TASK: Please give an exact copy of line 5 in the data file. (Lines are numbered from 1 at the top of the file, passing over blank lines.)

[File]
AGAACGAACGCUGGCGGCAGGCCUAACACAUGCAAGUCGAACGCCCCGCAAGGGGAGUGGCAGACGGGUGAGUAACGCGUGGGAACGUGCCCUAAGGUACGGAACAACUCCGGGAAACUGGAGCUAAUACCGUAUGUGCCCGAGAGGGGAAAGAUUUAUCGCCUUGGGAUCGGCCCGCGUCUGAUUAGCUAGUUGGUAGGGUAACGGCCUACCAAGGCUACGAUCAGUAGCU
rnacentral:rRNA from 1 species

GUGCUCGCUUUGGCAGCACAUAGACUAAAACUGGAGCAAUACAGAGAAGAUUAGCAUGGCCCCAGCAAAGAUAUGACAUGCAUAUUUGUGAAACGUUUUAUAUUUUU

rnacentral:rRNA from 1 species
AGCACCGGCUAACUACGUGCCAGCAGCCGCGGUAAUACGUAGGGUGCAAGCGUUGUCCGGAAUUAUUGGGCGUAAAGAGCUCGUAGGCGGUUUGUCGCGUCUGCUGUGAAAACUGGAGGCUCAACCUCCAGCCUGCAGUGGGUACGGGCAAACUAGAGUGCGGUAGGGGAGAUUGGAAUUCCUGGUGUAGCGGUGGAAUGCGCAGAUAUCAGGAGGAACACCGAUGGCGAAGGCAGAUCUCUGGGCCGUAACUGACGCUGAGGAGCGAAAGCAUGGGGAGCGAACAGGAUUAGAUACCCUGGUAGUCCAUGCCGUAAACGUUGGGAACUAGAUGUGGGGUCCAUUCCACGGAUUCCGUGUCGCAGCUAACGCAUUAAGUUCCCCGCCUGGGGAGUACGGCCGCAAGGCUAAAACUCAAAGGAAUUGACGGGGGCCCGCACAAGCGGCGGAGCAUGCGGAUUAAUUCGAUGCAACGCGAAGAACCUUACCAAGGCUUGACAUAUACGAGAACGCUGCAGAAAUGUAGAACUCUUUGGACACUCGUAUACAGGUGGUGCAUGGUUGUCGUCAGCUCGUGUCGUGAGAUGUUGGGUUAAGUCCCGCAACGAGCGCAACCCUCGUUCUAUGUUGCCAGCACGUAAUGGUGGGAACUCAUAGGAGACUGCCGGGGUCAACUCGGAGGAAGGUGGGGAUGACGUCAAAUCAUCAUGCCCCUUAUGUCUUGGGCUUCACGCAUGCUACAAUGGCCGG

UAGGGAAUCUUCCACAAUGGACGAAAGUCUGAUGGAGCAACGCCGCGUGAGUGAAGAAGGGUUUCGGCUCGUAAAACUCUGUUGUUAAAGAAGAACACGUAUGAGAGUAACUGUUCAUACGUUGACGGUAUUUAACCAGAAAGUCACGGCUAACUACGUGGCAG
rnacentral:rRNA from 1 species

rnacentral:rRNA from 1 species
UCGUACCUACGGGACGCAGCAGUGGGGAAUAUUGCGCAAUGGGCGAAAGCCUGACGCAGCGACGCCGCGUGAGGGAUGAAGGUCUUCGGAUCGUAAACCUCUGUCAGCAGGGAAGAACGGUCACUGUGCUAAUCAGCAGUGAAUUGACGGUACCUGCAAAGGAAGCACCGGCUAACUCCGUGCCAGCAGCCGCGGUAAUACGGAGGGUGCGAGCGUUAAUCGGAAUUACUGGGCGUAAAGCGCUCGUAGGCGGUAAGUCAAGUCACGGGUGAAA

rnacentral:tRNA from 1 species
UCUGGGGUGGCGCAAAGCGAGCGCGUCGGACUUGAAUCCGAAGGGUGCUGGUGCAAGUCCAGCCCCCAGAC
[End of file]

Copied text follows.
AGCACCGGCUAACUACGUGCCAGCAGCCGCGGUAAUACGUAGGGUGCAAGCGUUGUCCGGAAUUAUUGGGCGUAAAGAGCUCGUAGGCGGUUUGUCGCGUCUGCUGUGAAAACUGGAGGCUCAACCUCCAGCCUGCAGUGGGUACGGGCAAACUAGAGUGCGGUAGGGGAGAUUGGAAUUCCUGGUGUAGCGGUGGAAUGCGCAGAUAUCAGGAGGAACACCGAUGGCGAAGGCAGAUCUCUGGGCCGUAACUGACGCUGAGGAGCGAAAGCAUGGGGAGCGAACAGGAUUAGAUACCCUGGUAGUCCAUGCCGUAAACGUUGGGAACUAGAUGUGGGGUCCAUUCCACGGAUUCCGUGUCGCAGCUAACGCAUUAAGUUCCCCGCCUGGGGAGUACGGCCGCAAGGCUAAAACUCAAAGGAAUUGACGGGGGCCCGCACAAGCGGCGGAGCAUGCGGAUUAAUUCGAUGCAACGCGAAGAACCUUACCAAGGCUUGACAUAUACGAGAACGCUGCAGAAAUGUAGAACUCUUUGGACACUCGUAUACAGGUGGUGCAUGGUUGUCGUCAGCUCGUGUCGUGAGAUGUUGGGUUAAGUCCCGCAACGAGCGCAACCCUCGUUCUAUGUUGCCAGCACGUAAUGGUGGGAACUCAUAGGAGACUGCCGGGGUCAACUCGGAGGAAGGUGGGGAUGACGUCAAAUCAUCAUGCCCCUUAUGUCUUGGGCUUCACGCAUGCUACAAUGGCCGG